Caldecote attended the Cambridgeshire elections held for the Parliaments of 1421 (Dec.), 1423, 1425, 1429, 1432 and 1433. During the first session of his own second Parliament — that of 1426 — his patron Sir John Tiptoft, recently created Lord Tiptoft, kept him busy as his attorney in the Exchequer court over the important matter of securing for his wife her full share of the former Holand estates, until recently held by her late half-brother, Edmund, earl of March. (He continued to act for the Tiptofts in negotiations with the Crown, especially in 1428 when dower was assigned to the earl’s widow.) In 1431 Tiptoft named him among the feoffees of his estates in Cambridgeshire and Middlesex. It is perhaps surprising that Caldecote never benefited directly from his patron’s position as a prominent member of the council of Henry VI’s minority, in the way of offices or leases of land in the Council’s gift. In the early 1430s he was acting as trustee of Sir Walter de la Pole’s property in London as well as of his manor at Sawston, and it seems likely that he played a part in the agreement whereby de la Pole’s grandson and heir, Edmund Ingoldisthorpe†, was married to one of Tiptoft’s daughters.4

Caldecote was among the gentry of Cambridgeshire who took the generally administered oath against maintenance, in the spring of 1434. Towards the end of his life he served as steward of the house of Augustinian canons at Royston, but the priory was not mentioned in his surviving will, made on 1 June 1443. In this document Caldecote asked to be buried in Meldreth church and made small bequests to the abbess and nuns at Chatteris and to the four orders of friars at Cambridge. The largest sum of money specified was £5, assigned for work on a new aisle at Meldreth. However, it is known that before his death on 20 June he made a deposition of his estates in another will, now lost, which no doubt reflected more fully his position as a relatively affluent country gentleman. He arranged that the feoffees of his manor in Bassingbourn, who included the former chief justice, Sir William Babington, should eventually transfer it to his youngest son, Thomas, while the eldest, John (b.c.1426), was to have ‘Veyseys’ and lands in Melbourn. However, in 1454, following Thomas’s death, Caldecote’s second son, Richard, had to resort to a suit in Chancery to obtain possession of the Bassingbourn property, for although the trustees were in agreement as to Caldecote’s intentions with regard to the manor and were prepared to hand it over to Richard, the will authorizing them to do so had been stolen from the chest kept by his executors by John Caldecote, who refused to return it.5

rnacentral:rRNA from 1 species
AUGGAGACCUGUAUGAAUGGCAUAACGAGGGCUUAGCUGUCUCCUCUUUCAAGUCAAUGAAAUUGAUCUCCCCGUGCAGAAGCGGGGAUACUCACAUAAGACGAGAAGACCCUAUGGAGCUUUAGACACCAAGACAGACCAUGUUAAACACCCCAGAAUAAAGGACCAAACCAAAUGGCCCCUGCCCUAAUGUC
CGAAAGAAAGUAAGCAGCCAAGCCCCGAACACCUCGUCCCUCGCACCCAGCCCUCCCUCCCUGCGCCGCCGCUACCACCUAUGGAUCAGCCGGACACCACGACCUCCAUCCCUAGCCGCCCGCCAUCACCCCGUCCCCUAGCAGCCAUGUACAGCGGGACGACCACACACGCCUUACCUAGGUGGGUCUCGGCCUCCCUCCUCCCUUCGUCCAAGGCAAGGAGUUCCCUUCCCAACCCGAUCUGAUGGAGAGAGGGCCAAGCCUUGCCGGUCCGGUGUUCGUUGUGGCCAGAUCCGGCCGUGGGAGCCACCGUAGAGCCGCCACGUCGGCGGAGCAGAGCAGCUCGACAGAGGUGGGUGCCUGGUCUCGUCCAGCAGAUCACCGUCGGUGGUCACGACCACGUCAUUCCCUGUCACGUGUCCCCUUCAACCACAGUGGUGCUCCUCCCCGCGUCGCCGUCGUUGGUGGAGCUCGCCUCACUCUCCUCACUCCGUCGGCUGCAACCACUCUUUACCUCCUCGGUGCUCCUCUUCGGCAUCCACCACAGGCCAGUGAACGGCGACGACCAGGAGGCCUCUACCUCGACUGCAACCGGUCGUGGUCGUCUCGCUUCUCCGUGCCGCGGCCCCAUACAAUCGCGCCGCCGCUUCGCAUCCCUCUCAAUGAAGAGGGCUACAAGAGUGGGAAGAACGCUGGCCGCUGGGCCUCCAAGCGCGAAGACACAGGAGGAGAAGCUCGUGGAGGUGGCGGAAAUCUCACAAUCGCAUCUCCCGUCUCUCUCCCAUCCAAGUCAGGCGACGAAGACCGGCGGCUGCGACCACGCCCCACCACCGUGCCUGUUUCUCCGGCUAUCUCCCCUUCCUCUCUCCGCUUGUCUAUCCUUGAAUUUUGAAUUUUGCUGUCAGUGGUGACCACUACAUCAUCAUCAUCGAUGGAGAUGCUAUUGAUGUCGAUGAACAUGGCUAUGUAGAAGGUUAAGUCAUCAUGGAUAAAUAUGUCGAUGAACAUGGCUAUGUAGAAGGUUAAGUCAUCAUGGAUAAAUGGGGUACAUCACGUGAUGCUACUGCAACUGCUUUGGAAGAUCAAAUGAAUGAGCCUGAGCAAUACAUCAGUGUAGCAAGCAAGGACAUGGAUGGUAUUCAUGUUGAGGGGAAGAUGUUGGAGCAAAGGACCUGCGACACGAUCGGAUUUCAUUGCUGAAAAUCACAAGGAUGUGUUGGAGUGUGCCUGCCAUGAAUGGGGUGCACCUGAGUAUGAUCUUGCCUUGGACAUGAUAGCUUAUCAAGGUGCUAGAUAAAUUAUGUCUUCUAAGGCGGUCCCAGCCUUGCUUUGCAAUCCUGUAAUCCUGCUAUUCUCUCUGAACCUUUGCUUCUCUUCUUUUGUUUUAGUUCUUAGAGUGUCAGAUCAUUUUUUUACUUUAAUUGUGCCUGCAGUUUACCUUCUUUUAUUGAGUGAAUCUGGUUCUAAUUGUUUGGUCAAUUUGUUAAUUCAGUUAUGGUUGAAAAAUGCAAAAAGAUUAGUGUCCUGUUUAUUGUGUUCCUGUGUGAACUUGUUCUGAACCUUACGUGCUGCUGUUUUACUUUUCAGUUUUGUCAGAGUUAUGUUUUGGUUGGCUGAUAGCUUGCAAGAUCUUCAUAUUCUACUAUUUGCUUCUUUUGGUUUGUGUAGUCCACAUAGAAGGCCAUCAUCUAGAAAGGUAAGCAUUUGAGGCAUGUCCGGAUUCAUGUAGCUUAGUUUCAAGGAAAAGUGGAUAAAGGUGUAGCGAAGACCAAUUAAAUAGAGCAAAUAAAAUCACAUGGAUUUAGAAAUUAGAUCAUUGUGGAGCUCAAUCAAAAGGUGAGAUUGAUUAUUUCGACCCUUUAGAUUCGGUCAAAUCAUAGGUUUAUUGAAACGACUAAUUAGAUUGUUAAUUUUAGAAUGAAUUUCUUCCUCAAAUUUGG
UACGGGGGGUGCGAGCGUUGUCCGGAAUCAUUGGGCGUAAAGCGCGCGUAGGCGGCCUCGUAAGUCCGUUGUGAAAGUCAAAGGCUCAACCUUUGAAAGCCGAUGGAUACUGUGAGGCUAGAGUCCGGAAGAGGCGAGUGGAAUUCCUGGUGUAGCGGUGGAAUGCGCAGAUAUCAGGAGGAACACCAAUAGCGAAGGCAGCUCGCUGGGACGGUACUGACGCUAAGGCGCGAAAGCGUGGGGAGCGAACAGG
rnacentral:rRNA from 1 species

Ref Volumes: 1386-1421

Author: L. S. Woodger


It is possible that the same Nicholas Caldecote served in Rutland as a j.p. Nov. 1399-Feb. 1407, Feb. 1422-34, and as commr. of inquiry June 1400, and of array Mar. 1419, but no evidence has been found to identify the recipient of these appointments convincingly.

  • 1. VCH Cambs. viii. 16, 86; CP25(1)30/93/29, 41; CCR, 1409-13, p. 332; 1429-35, p. 289; EHR, xlix. 632.
  • 2. JUST 1/1539 m. 18d; CCR, 1402-5, p. 279; 1405-9, p. 508; 1409-13, p. 168; CPR, 1405-8, p. 248; C219/10/6; E364/56 m. D.
  • 3. CFR, xiv. 46; R.E. Chester Waters, Chesters of Chicheley, i. 214; CCR, 1419-22, pp. 131-2; JUST 1/1533 m. 3; CPR, 1422-9, p. 174; C1/7/48, 49.
  • 4. C219/12/6, 13/2, 3, 14/1, 3, 4; CFR, xv. 128; CCR, 1422-9, pp. 223, 416, 437; 1435-41, p. 15; HMC Rutland, iv. 86-87; CPR, 1429-36, p. 465.
  • 5. CPR, 1429-36, p. 385; PCC 33 Luffenham; C139/112/63; C1/22/50, 24/139-44.